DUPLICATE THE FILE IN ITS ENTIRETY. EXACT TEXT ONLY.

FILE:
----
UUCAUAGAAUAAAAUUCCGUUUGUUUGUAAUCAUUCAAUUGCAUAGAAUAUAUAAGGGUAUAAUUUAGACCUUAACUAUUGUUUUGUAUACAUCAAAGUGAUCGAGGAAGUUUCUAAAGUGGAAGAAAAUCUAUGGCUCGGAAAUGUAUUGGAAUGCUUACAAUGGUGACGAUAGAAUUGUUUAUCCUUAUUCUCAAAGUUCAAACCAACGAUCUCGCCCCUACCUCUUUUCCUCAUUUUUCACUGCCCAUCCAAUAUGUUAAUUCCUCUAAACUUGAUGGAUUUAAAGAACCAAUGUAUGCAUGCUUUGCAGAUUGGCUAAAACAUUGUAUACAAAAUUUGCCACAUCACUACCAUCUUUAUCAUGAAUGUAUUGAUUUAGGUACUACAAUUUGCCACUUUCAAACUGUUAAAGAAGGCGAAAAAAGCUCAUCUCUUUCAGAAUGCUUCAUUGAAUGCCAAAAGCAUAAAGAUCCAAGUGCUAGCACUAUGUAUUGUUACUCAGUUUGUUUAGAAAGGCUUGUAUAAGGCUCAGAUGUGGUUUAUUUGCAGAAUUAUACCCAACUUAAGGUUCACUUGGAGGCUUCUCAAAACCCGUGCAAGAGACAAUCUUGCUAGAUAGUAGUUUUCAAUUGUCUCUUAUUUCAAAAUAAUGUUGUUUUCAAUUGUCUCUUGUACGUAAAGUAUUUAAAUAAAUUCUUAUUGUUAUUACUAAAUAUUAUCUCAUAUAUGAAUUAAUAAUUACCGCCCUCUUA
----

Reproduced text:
UUCAUAGAAUAAAAUUCCGUUUGUUUGUAAUCAUUCAAUUGCAUAGAAUAUAUAAGGGUAUAAUUUAGACCUUAACUAUUGUUUUGUAUACAUCAAAGUGAUCGAGGAAGUUUCUAAAGUGGAAGAAAAUCUAUGGCUCGGAAAUGUAUUGGAAUGCUUACAAUGGUGACGAUAGAAUUGUUUAUCCUUAUUCUCAAAGUUCAAACCAACGAUCUCGCCCCUACCUCUUUUCCUCAUUUUUCACUGCCCAUCCAAUAUGUUAAUUCCUCUAAACUUGAUGGAUUUAAAGAACCAAUGUAUGCAUGCUUUGCAGAUUGGCUAAAACAUUGUAUACAAAAUUUGCCACAUCACUACCAUCUUUAUCAUGAAUGUAUUGAUUUAGGUACUACAAUUUGCCACUUUCAAACUGUUAAAGAAGGCGAAAAAAGCUCAUCUCUUUCAGAAUGCUUCAUUGAAUGCCAAAAGCAUAAAGAUCCAAGUGCUAGCACUAUGUAUUGUUACUCAGUUUGUUUAGAAAGGCUUGUAUAAGGCUCAGAUGUGGUUUAUUUGCAGAAUUAUACCCAACUUAAGGUUCACUUGGAGGCUUCUCAAAACCCGUGCAAGAGACAAUCUUGCUAGAUAGUAGUUUUCAAUUGUCUCUUAUUUCAAAAUAAUGUUGUUUUCAAUUGUCUCUUGUACGUAAAGUAUUUAAAUAAAUUCUUAUUGUUAUUACUAAAUAUUAUCUCAUAUAUGAAUUAAUAAUUACCGCCCUCUUA